Crown-of-thorns Starfish feeding on coral, Acanthaster planci, Komodo National Park, Indian Ocean, Indonesia
Credit: Reinhard Dirscherl/ullstein bild via Getty Images

We try really hard to be environmentally friendly and to be connected to the earth, so our hearts were broken when we learned that The Great Barrier Reef suffered its most devastating die-off, or coral bleaching, *ever* recorded. How did this happen to The Great Barrier Reef? Or, maybe what we should be asking is how did we let this happen?! Things are going pretty badly, and at a terrifying rate, and it matters because what happens to The Great Barrier Reef is a reflection of how we’ve treated the earth, and things aren’t looking so great.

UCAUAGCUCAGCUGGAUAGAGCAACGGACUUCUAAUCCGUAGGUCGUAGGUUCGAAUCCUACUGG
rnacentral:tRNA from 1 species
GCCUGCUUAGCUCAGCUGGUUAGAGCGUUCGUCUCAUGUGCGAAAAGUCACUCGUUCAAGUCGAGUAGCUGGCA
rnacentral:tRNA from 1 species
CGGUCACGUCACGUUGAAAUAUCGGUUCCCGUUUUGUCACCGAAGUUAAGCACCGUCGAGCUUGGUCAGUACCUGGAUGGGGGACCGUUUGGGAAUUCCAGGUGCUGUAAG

Why? Scientists say that climate change is hurting The Great Barrier Reef, and in a big, terrifying way.

As Gizmodo reports, a study from the ARC Centre of Excellence For Coral Reef Studies said earlier this year that 35% of the reef was dead or dying.

According to GOOD, ARC scientist Terry Hughes explains,

In case you didn’t know, The Great Barrier Reef is the world’s largest reef system, and it’s roughly half the size of Texas. It’s a pretty huge deal, literally. But some scientists worry things have gotten so bad that it could be too late for the rest of it. Luckily, though, Hughes notes, a good portion of the reef was only somewhat harmed, and will likely survive.

Still, it’s our responsibility to protect our planet, and we hope to see some large-scale changes made, and soon.